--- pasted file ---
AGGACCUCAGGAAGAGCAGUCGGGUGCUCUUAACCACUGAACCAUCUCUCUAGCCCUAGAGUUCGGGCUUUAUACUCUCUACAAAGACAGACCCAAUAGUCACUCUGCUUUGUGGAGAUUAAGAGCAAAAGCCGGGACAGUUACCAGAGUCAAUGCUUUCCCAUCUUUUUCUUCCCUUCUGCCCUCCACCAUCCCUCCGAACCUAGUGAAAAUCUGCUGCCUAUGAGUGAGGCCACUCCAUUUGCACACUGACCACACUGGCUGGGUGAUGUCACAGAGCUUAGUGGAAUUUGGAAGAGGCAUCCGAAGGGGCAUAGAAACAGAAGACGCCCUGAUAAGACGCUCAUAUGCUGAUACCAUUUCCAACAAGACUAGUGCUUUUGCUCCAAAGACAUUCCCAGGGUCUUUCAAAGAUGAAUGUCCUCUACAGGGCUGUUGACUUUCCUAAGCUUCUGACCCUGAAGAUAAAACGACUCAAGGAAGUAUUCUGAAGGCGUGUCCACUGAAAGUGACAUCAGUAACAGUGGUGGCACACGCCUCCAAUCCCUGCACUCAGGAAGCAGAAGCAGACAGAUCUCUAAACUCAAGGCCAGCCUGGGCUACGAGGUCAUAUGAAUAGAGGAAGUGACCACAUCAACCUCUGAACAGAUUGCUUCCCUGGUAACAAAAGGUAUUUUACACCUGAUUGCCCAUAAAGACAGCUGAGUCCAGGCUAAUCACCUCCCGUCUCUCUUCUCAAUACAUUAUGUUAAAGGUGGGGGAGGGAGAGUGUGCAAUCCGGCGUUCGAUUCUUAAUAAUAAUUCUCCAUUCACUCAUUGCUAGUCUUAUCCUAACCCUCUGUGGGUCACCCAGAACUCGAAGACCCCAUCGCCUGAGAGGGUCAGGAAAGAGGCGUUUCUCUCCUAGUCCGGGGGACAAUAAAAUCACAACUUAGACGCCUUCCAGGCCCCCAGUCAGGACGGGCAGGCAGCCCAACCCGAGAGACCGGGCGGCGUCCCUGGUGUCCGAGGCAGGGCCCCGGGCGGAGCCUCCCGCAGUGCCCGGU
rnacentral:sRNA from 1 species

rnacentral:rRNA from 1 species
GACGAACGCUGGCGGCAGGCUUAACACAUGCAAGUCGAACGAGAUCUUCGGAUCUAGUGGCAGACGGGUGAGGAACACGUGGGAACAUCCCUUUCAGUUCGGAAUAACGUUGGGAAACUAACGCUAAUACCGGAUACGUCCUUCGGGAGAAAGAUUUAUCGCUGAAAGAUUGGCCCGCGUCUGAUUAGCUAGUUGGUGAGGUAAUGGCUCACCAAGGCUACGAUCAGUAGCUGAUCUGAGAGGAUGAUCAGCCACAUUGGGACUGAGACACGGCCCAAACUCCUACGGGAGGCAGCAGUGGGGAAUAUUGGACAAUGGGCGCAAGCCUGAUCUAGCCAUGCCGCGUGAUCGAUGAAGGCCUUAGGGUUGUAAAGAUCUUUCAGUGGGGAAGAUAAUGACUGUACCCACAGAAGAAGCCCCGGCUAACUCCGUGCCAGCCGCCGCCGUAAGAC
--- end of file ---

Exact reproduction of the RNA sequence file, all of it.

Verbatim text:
AGGACCUCAGGAAGAGCAGUCGGGUGCUCUUAACCACUGAACCAUCUCUCUAGCCCUAGAGUUCGGGCUUUAUACUCUCUACAAAGACAGACCCAAUAGUCACUCUGCUUUGUGGAGAUUAAGAGCAAAAGCCGGGACAGUUACCAGAGUCAAUGCUUUCCCAUCUUUUUCUUCCCUUCUGCCCUCCACCAUCCCUCCGAACCUAGUGAAAAUCUGCUGCCUAUGAGUGAGGCCACUCCAUUUGCACACUGACCACACUGGCUGGGUGAUGUCACAGAGCUUAGUGGAAUUUGGAAGAGGCAUCCGAAGGGGCAUAGAAACAGAAGACGCCCUGAUAAGACGCUCAUAUGCUGAUACCAUUUCCAACAAGACUAGUGCUUUUGCUCCAAAGACAUUCCCAGGGUCUUUCAAAGAUGAAUGUCCUCUACAGGGCUGUUGACUUUCCUAAGCUUCUGACCCUGAAGAUAAAACGACUCAAGGAAGUAUUCUGAAGGCGUGUCCACUGAAAGUGACAUCAGUAACAGUGGUGGCACACGCCUCCAAUCCCUGCACUCAGGAAGCAGAAGCAGACAGAUCUCUAAACUCAAGGCCAGCCUGGGCUACGAGGUCAUAUGAAUAGAGGAAGUGACCACAUCAACCUCUGAACAGAUUGCUUCCCUGGUAACAAAAGGUAUUUUACACCUGAUUGCCCAUAAAGACAGCUGAGUCCAGGCUAAUCACCUCCCGUCUCUCUUCUCAAUACAUUAUGUUAAAGGUGGGGGAGGGAGAGUGUGCAAUCCGGCGUUCGAUUCUUAAUAAUAAUUCUCCAUUCACUCAUUGCUAGUCUUAUCCUAACCCUCUGUGGGUCACCCAGAACUCGAAGACCCCAUCGCCUGAGAGGGUCAGGAAAGAGGCGUUUCUCUCCUAGUCCGGGGGACAAUAAAAUCACAACUUAGACGCCUUCCAGGCCCCCAGUCAGGACGGGCAGGCAGCCCAACCCGAGAGACCGGGCGGCGUCCCUGGUGUCCGAGGCAGGGCCCCGGGCGGAGCCUCCCGCAGUGCCCGGU
rnacentral:sRNA from 1 species

rnacentral:rRNA from 1 species
GACGAACGCUGGCGGCAGGCUUAACACAUGCAAGUCGAACGAGAUCUUCGGAUCUAGUGGCAGACGGGUGAGGAACACGUGGGAACAUCCCUUUCAGUUCGGAAUAACGUUGGGAAACUAACGCUAAUACCGGAUACGUCCUUCGGGAGAAAGAUUUAUCGCUGAAAGAUUGGCCCGCGUCUGAUUAGCUAGUUGGUGAGGUAAUGGCUCACCAAGGCUACGAUCAGUAGCUGAUCUGAGAGGAUGAUCAGCCACAUUGGGACUGAGACACGGCCCAAACUCCUACGGGAGGCAGCAGUGGGGAAUAUUGGACAAUGGGCGCAAGCCUGAUCUAGCCAUGCCGCGUGAUCGAUGAAGGCCUUAGGGUUGUAAAGAUCUUUCAGUGGGGAAGAUAAUGACUGUACCCACAGAAGAAGCCCCGGCUAACUCCGUGCCAGCCGCCGCCGUAAGAC